Hey my dear friend, thank you so much for your honesty.

Four quick thoughts on church burn-out:

1) Please be absolutely honest about what’s going on. 

Please talk with your pastor, your leaders, your team.  I don’t mean that we can go around saying “This church is burning me out.”  But sometimes simply talking it out can both release your clenched burden and also help navigate your feelings.  While complaining can be toxic, keeping it in is even more unhealthy.  Have a time with your pastor when you can say every single thing that’s on your mind, no matter how small you may feel it is.

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The next time you walk into a room full of people, I want you to see how they talk and interact and exchange and tell stories and make jokes. Simply watch, listen, soak it in.

Soon you’ll see there’s a hidden anxiety underneath all their language, a deeper sort of quest for each person to validate their individual existence. You’ll see this web of tug-of-war where everyone is pulling, clawing, scratching, grasping for this weight.

It’s like there’s a secret limited stash of golden currency in the air, and everyone’s fighting for it by telling the better story, bragging about their bank account, trying to be the funny guy, showing off their intelligence, dropping famous names, wearing a name, holding up false bravado, pretending to be a mystery, masking their voice in tight controlled expressions of eloquence.

You know what this is: insecurity. Everyone’s fighting for glory to cover the emptiness, that vacuum fracture. And even when they get the glory from that room, it will never be enough: because we weren’t made for the temporary glory of this earth. Our true glory is beyond the room, outside one another, from on high.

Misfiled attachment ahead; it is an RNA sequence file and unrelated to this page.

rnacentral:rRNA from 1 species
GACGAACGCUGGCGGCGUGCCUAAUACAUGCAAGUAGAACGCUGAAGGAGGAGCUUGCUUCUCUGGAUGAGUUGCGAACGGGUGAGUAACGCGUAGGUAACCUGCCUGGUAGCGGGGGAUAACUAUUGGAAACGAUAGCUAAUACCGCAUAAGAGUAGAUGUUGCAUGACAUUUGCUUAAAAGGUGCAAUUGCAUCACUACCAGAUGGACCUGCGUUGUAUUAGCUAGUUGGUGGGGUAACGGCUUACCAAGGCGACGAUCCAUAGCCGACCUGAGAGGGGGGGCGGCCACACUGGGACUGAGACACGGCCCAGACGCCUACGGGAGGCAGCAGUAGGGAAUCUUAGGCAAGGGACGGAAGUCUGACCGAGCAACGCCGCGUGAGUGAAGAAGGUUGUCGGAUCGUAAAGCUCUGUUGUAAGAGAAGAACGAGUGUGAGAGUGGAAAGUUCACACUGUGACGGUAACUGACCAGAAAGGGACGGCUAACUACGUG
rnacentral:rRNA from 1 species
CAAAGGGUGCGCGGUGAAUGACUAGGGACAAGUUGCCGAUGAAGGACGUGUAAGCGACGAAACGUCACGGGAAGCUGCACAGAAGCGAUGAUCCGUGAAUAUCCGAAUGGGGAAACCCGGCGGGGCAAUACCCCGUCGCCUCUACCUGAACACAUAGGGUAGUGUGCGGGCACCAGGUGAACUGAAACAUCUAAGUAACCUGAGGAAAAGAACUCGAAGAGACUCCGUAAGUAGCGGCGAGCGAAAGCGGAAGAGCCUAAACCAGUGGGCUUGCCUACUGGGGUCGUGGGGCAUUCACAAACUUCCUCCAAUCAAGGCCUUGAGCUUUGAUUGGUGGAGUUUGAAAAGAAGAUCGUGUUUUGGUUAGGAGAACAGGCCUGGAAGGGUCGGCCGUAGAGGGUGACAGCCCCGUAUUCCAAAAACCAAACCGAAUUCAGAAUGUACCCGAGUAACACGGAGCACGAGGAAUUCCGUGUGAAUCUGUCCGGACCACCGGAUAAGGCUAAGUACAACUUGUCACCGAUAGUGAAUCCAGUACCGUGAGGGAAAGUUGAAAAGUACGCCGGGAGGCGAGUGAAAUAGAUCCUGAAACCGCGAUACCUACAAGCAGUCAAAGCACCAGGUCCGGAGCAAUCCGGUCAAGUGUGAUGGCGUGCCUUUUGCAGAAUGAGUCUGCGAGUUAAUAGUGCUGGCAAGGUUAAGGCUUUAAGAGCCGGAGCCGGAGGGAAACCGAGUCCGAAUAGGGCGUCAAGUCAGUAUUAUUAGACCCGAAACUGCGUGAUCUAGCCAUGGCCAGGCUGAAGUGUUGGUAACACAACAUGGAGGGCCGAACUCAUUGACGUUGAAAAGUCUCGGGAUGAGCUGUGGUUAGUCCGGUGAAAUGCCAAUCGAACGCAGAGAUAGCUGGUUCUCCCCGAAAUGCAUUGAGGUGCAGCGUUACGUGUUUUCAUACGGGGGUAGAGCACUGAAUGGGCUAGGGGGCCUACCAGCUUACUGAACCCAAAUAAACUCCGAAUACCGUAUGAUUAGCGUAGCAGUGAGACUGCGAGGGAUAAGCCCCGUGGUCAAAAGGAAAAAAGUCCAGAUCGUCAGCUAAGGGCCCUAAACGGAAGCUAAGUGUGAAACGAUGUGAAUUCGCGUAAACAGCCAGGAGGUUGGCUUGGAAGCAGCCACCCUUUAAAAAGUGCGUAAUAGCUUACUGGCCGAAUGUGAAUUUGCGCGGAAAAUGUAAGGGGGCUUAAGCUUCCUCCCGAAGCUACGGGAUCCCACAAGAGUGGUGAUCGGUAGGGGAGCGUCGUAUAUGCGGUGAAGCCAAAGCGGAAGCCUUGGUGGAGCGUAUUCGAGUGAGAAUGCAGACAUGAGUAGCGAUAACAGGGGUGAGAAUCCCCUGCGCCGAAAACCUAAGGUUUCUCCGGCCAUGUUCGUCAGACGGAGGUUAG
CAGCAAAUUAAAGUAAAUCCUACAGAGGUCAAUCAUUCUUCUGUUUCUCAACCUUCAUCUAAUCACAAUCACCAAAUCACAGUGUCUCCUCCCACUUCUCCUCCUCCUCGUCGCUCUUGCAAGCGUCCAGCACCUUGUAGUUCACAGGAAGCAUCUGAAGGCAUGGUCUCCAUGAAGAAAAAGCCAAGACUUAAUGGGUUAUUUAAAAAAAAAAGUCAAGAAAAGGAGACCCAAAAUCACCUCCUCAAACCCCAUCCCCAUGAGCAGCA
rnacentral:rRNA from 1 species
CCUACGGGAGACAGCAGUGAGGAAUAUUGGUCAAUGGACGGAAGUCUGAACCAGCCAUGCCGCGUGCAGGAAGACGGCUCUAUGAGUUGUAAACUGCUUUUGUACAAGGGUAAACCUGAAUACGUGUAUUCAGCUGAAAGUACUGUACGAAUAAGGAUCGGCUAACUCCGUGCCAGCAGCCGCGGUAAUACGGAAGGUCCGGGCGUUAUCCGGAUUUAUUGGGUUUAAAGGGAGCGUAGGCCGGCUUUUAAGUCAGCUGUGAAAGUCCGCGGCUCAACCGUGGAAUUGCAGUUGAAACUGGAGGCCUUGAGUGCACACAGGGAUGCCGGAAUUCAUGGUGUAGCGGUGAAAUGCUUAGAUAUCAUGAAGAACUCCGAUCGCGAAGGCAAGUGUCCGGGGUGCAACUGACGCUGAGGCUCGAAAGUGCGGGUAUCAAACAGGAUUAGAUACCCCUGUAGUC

— J.S.

Rosco books SM 2

From my dog Rosco:

My human has written some books. They’re less than ten dollars and will be good gifts for other humans. Please check out my butler’s books on the Amazon. I must return now to my life of demanding back-scratches and being spoiled. Wait, I didn’t write that last part. Bad human.

– Rosco (and J.S.)

Cutting It Off Amazon

Here’s my newest e-book on breaking porn addiction.

This is a very short e-book about how I overcame a fifteen year porn addiction. I’ve now been sober for over three.  I talk about what porn does to your brain, specific steps to quit, and how you can quit permanently, not just for a few weeks at a time but for good.

I know how embarrassing it can be to talk about porn, but this book is designed for both you and to help your friend, regardless of gender or beliefs.  This is not a Christian book disguised as self-help — the book is first and foremost a guide to quitting porn, with elements of Christian faith deeply rooted.

It’s only $2.99! And you won’t need a Kindle, it works on everything.
Be blessed and love y’all!

— J.S.


This is an excerpt from Chapter 3 of my new book on dating and relationships, called The Christianese Dating Culture. This was my personal favorite chapter to write, about the difficult, gritty reality of relationships.

We have a propensity for over-romanticism in our hyper-sentimental culture, and when reality meets expectations, we get disillusioned and jump ship. I’ve seen it happen all the time: in marriages, in parenting, in careers, in church. A poor estimation of the daily grit of life will always cause us to check out and quit too early.